Not all states are equal when it comes to creating a business, but a partnership comes with easier regulations, making it less important where you register.

Fortunately, the laws for setting up a partnership do not vary as much as they do when it comes to corporations, so it isn’t nearly as important to choose the right place when setting up a partnership. You may find some slight variances from state to state, but in general, it’s easiest to set up your company in the state where it will do most of its business.

All that being said, some states are a little easier to work in than others, particularly if you intend to change the business model in the future.

What to Look for in a State

Some states are more business friendly than others and it isn’t always easy to tell which ones are best. While certain states like Texas and Virginia are considered the best areas to start up a business, you can look elsewhere, if you know what to check for.

First, check out what the income tax is like in the state you are considering. If you plan to incorporate, it’s a good idea to look at the corporate income tax, since this can affect your business greatly. In Virginia, for example, this is just 6% and hasn’t changed in decades.

Business resources can also be invaluable, so check to see if the state you are considering has any special offerings for those who are starting a company. Business incubators are an excellent example of a helpful resource. These are low cost rental spaces where those starting a business can set up in the first few months. A receptionist works for a variety of companies all in the same building and there are shared resource areas with copiers, computers, etc. This lets partnerships get off the ground without spending too much money and can be a great help in the beginning, though companies are expected to move on once they start making a profit.

Other resources include:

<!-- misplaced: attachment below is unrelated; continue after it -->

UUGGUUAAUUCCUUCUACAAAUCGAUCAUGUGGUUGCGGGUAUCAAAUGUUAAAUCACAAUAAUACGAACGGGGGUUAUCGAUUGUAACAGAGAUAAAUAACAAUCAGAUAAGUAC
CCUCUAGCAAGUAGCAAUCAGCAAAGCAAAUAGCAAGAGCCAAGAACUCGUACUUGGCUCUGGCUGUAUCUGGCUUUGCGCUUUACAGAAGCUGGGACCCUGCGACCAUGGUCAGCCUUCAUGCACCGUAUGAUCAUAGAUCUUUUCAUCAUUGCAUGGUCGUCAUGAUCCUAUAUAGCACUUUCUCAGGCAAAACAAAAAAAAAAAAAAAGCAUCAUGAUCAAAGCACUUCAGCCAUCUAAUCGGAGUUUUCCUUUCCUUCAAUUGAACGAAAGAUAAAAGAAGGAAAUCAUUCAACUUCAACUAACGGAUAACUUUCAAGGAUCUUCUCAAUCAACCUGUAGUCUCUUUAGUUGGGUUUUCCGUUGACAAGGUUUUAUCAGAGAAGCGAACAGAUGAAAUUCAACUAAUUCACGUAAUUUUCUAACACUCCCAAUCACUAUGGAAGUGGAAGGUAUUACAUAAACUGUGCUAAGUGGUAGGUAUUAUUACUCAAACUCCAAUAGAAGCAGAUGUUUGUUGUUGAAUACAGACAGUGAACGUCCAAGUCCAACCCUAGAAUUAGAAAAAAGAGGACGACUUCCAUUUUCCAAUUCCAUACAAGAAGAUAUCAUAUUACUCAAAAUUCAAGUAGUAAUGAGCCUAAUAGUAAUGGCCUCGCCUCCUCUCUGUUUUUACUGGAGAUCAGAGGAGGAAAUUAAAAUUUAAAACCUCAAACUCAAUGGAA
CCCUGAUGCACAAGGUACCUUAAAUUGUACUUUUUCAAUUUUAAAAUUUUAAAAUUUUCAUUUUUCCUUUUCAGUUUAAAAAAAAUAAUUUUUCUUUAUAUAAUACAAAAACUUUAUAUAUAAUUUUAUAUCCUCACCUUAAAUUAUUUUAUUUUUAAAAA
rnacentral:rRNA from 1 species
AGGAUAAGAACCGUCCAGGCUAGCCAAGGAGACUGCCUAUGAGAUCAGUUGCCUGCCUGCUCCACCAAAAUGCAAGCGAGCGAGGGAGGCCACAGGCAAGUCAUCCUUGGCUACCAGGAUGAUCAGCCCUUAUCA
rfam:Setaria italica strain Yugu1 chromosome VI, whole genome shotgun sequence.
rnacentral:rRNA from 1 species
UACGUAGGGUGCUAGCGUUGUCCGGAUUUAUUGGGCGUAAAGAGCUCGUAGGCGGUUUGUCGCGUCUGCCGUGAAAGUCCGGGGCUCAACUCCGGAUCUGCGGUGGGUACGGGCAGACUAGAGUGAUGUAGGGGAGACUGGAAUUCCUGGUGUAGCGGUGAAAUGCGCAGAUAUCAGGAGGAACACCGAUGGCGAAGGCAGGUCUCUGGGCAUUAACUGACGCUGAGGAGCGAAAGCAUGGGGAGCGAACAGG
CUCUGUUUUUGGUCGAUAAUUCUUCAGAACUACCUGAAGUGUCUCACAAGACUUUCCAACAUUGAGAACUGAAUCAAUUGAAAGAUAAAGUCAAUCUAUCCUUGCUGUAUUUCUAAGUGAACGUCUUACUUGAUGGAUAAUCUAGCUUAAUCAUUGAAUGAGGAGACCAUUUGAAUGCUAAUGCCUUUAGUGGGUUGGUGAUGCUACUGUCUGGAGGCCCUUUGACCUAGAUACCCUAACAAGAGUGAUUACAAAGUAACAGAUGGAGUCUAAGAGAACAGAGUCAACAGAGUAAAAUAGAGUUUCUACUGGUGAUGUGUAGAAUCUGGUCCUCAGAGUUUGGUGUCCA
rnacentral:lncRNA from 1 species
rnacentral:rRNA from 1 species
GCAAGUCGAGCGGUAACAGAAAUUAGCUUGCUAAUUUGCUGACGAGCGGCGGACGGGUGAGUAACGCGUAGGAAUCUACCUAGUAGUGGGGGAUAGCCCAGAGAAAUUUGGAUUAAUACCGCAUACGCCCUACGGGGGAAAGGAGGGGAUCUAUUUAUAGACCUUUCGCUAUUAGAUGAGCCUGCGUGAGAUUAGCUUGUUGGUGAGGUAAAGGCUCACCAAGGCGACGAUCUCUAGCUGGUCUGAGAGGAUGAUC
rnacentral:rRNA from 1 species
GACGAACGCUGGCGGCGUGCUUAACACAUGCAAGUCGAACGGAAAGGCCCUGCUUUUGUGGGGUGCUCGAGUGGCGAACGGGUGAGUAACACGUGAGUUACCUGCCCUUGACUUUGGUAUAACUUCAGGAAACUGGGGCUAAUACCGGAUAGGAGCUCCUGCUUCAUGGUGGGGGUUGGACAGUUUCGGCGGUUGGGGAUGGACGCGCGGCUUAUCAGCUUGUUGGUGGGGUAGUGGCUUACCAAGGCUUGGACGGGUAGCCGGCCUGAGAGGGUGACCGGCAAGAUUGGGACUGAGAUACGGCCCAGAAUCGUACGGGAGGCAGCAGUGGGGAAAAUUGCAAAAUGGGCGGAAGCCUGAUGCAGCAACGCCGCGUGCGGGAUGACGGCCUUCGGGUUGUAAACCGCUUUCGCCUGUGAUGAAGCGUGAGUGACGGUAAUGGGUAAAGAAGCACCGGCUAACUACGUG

• Right-to-work laws
  • Recruitment training programs
  • International sales programs

You will find that the economy has affected different areas of the country differently, so it’s worth checking to see which states have better economy. These are often the states that will have a higher quality of life, as well, which means more consumers and disposable income. That’s good news for any company looking to earn money.

Lower cost of business and cost of living should be considered, as well. If possible, stick to states where you won’t be paying a fortune to build up a business. While incubators can help offset costs in the beginning, it’s usually a good idea to look for a state that is fairly low cost for operational purposes. If you plan to live there, having a lower cost of living is also useful, as it will help you keep expenses down while in the start up phase.

Another thing to watch for is the availability of capital for startups. As a partnership, you have more resources at your fingertips than most companies, but that doesn’t mean you won’t need money to start the business. States with more resources geared toward business will also have more options for raising capital. Look for business friendly places to start the business and also keep an eye out for potential investors.

Being able to get permits and paperwork done quickly is also a big advantage, though not a necessary one, for businesses. Business friendly states will offer streamlined methods of getting your papers through. In most areas, it can take several weeks to finish filing all the proper paperwork, but states like Virginia, the process is streamlined and more efficient.

Top States for Business

Every year, the various states are checked and compared against each other in a variety of categories which include business friendliness, access to capital, economy, cost of living and many more.

CNBC offers an annual list of the best states under each category, as well as an overall winner. In 2010, the winning state was Texas, with its resources and business friendly rules. However, there are several other states that also rank very well.

  • California (Technology, Access to Capital)
  • Florida (Workforce)
  • Virginia (Business Friendliness)
  • Colorado (Business Friendliness, Quality of Life)
  • North Carolina (Workforce)
  • Massachusetts (Access to Capital, Education, Technology & Innovation)

Even in states where the rules are different, you can usually get around them with a simple change in the contract. Your partnership agreement sets the foundation for your business and since a partnership is a fairly simple business type, it’s possible to set your own rules as you please.